I feel that "backpacking pants" and convertible pants are all made WAY too big and WAY too wide for people with slimmer torsos. I own a pair of Patagonia convertible pants that I'm not too fond of. Bought them online on sale when I guess I should've bought them at a brick and mortar store to try them on first. The short inseams are WAY too long and I would've preferred a cut above the knee. The pants are WAY too baggy and I feel that I'm wearing parachute pants. Since that purchase, each pair of convertible pants I've tried on, ranging on a variety of brands, ALL HAVE THE SAME FIT! I'm 6' 150 lbs and pretty thin I guess, but I do wish that convertible pants had a slimmer fit with a shorter inseam when zipped off in shorts mode. I've since just hiked in ll bean swim trunks and tapered work out pants (soccer pants seam to have the best taper) instead. I prefer shorts that have inseams above the knee as it frees my movement tremendously.
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Re: Backpacking Pants

Postby oldranger » Thu Jun 12, 2014 8:24 pm

I wear shorts mostly when hiking but around camp and if fishing from shore I wear lightweight synthetic pants. If it is relatively cool and mostly downhill hiking or really brushy I'll wear my long pants when hiking. So for me it is a matter of what is appropriate. Wearing long sleeve shirts, long pants, and lightweight gloves (cheap cotton gardening or painters gloves work great) cut down on both the amount of deet and sunscreen you need to apply to your body, too. I don't like convertable pants because if they get wet you don't have a backup.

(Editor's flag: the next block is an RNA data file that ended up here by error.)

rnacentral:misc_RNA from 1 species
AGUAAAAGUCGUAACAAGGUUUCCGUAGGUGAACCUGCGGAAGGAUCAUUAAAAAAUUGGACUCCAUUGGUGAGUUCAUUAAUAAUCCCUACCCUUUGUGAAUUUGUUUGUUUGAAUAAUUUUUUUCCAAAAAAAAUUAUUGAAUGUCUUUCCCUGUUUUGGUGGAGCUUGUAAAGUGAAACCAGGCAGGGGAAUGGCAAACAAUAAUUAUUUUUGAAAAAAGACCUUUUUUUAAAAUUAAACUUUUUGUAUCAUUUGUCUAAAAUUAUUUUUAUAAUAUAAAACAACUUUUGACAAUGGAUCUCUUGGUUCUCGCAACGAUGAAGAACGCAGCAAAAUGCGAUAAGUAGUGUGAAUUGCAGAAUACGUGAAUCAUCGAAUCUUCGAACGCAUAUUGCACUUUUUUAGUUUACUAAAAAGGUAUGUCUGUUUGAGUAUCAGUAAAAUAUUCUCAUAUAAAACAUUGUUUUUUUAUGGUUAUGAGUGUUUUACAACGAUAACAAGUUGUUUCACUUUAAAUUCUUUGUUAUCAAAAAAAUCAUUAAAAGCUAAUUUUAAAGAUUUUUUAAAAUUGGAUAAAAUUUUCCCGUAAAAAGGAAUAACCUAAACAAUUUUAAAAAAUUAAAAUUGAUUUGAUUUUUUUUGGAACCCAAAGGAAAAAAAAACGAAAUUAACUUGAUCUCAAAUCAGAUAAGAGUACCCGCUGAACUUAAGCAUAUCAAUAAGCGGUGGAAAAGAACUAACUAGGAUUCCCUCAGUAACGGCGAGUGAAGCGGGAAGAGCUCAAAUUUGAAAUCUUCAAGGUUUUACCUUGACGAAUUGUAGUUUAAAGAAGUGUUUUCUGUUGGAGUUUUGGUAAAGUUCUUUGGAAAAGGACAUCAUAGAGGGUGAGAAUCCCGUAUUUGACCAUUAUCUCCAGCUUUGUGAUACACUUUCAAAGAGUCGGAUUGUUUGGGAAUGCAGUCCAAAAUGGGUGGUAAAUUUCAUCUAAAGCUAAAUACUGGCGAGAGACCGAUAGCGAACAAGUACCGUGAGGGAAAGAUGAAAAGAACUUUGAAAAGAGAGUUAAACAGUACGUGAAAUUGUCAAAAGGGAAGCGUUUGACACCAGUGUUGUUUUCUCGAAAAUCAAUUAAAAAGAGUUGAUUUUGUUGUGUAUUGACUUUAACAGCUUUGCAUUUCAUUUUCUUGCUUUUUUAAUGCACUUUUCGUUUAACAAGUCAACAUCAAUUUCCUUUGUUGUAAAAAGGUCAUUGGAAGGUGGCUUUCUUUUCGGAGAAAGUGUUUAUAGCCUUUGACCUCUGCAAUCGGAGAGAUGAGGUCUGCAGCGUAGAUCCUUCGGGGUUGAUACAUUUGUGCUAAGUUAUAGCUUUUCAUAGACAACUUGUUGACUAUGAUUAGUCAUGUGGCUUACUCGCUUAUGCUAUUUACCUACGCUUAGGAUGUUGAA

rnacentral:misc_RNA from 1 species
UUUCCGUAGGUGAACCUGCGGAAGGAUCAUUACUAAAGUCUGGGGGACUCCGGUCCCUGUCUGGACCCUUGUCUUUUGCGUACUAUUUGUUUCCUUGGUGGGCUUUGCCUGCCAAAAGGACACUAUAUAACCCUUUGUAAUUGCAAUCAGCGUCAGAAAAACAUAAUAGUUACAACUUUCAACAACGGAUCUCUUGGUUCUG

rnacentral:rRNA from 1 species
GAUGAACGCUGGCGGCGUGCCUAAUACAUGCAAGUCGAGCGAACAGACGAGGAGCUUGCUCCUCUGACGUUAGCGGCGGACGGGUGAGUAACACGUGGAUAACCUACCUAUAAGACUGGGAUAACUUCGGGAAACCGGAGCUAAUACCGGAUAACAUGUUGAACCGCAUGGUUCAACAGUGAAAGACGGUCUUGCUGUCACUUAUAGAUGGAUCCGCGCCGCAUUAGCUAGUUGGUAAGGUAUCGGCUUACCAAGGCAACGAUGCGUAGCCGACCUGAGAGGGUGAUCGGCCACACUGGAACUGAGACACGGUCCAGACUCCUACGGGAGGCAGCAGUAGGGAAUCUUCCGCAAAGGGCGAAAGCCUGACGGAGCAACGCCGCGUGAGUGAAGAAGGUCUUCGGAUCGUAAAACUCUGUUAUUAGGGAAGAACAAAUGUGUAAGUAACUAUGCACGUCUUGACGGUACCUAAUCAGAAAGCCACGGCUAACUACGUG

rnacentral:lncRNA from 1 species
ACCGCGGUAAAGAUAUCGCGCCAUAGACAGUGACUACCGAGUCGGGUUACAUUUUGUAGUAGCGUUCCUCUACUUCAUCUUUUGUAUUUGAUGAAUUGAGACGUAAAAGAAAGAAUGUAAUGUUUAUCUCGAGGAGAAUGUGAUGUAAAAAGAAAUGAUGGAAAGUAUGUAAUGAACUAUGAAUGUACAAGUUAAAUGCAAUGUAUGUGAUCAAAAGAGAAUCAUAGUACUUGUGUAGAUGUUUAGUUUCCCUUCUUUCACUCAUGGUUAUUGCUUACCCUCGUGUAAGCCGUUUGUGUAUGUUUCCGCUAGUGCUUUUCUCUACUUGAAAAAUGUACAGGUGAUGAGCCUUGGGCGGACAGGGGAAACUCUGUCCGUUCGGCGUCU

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Re: Backpacking Pants

Postby lensman137 » Wed Jul 09, 2014 1:25 pm

I've been using a pair of Rail Riders "Bushwhacker Weather Pants" for almost five years, and they're still going strong. They're light weight, and rugged to the extreme. And the skeets don't seem to be able to get though them. Not cheap, though. BTW, their "Jammin' shorts are also da bomb.
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Re: Backpacking Pants

Postby EpicSteve » Sun Jul 13, 2014 12:58 am

I used to wear shorts all the time, but I got sick of going broke on sunscreen and getting sunburned all the time anyway. Now I wear a pair of RailRiders Eco-Mesh pants and I love them! 123 hiking days so far and still going strong. Very lightweight, very slow to absorb water and they dry extremely quickly. They're SPF 30+ and I've never been sunburned in them, even above 12,000'.